The wrong road led to a wonderful witness.
| posted 4/10/2012
Four months later, David still had a burden for that village, but he knew he needed someone fluent enough in Chokwe to share the gospel with them. Then he met Tiago. Tiago had once resided in this village, and had become a Christian while living in a refugee camp in Zambia during the civil war in Angola. Tiago had recently returned, and he told David that the missionaries in Zambia said that he should take the gospel back to his Angolan village. Now it seemed a divinely appointed plan was about to be realized.
David and Tiago returned to the village, Samufo. The following is an excerpt from one of David's prayer letters, telling what happened next:
I managed to find the place again, but when we arrived we found that most of the men were not around. We were told they were out working in the fields.
"They'll be back when the sun starts to hurt their heads," the women told us.
We asked to speak to the village headman. I shared my story about how God had led me to Samufo and how I had felt him calling me back to teach them his Word. The headman said he would have to meet with the people to decide. This was what we expected. But the women started pleading with him in Chokwe. The headman turned to us and said that the women wanted us to start a church in their village. We could share the Word of God with them. I explained that a church cannot have just women. We should wait and hear what the men think.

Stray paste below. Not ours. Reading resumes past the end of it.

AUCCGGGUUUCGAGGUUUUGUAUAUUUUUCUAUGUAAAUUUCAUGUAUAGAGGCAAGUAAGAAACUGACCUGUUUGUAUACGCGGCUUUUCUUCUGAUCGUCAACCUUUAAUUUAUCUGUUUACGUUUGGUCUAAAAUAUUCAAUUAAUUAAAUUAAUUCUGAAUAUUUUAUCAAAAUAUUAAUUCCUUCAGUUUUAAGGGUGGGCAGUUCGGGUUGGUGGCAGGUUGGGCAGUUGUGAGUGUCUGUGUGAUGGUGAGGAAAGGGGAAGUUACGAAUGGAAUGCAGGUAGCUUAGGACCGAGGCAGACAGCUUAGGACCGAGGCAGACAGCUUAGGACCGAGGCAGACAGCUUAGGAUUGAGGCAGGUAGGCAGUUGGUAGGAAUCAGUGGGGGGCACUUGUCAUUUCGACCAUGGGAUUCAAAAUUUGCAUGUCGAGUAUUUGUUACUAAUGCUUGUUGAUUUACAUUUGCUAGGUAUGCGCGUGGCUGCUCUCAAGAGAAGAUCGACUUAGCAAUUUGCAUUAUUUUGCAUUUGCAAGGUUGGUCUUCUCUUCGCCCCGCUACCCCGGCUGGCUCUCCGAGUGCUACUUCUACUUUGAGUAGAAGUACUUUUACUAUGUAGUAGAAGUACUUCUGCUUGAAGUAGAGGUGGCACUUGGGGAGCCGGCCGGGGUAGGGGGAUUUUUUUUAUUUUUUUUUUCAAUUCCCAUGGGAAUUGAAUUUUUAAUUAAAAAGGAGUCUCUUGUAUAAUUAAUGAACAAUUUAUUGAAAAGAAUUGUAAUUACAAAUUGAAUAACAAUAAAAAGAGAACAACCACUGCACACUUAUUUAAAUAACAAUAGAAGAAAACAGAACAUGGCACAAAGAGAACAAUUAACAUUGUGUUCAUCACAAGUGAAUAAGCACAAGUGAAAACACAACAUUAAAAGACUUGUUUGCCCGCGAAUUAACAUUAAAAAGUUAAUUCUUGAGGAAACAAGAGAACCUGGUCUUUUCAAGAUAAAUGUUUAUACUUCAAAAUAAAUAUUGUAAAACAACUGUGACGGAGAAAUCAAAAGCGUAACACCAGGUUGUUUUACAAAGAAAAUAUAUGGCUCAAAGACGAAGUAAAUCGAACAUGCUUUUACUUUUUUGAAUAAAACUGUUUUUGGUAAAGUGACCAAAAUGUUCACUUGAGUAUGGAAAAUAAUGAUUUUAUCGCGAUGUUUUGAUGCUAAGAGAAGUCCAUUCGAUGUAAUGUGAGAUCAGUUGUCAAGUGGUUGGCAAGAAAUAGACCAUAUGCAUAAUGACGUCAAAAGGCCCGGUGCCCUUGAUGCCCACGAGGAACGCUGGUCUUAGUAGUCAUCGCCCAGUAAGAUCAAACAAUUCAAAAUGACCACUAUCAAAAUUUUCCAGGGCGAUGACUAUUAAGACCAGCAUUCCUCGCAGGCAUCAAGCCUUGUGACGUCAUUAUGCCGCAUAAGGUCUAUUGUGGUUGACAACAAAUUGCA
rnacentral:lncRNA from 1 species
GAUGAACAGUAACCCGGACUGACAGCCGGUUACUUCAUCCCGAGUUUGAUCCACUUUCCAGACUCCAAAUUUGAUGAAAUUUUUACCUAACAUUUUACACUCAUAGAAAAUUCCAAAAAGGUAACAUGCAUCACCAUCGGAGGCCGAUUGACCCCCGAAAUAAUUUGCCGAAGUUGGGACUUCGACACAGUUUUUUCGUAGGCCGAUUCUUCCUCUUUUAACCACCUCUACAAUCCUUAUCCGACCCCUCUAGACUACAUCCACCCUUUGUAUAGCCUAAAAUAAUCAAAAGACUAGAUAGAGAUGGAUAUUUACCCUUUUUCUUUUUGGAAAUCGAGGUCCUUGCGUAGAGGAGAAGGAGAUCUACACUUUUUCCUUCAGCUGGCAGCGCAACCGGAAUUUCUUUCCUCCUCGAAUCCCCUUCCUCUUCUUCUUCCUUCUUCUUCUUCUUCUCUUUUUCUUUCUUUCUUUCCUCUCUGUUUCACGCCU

It was mid-afternoon and the men were already starting to come back from the fields. As we waited, Tiago translated for me the conversation that was going on around us. "They are saying it will be good to have a church in our village. It will help them to raise their children and get along with their women better."
Finally, Tiago stood up and shared the story of Jesus' death and resurrection in his slow, deep, captivating tone. He showed them visuals on something we use called an "Evangecube." All eyes followed his every move. Even the young children were undistracted.
After about 45 minutes, Tiago was finished. One man stood and publicly asked for forgiveness, saying, "I have been sinning against God, and I even beat drums." He was referring to traditional African religious practices. The others said they would think about what we had said and asked us to come back.
We returned a few weeks later with seven other members of our evangelism team. Two of them gave their personal testimonies. Several more villagers publicly repented of their sins. They proposed building a meeting place, and the headman accepted!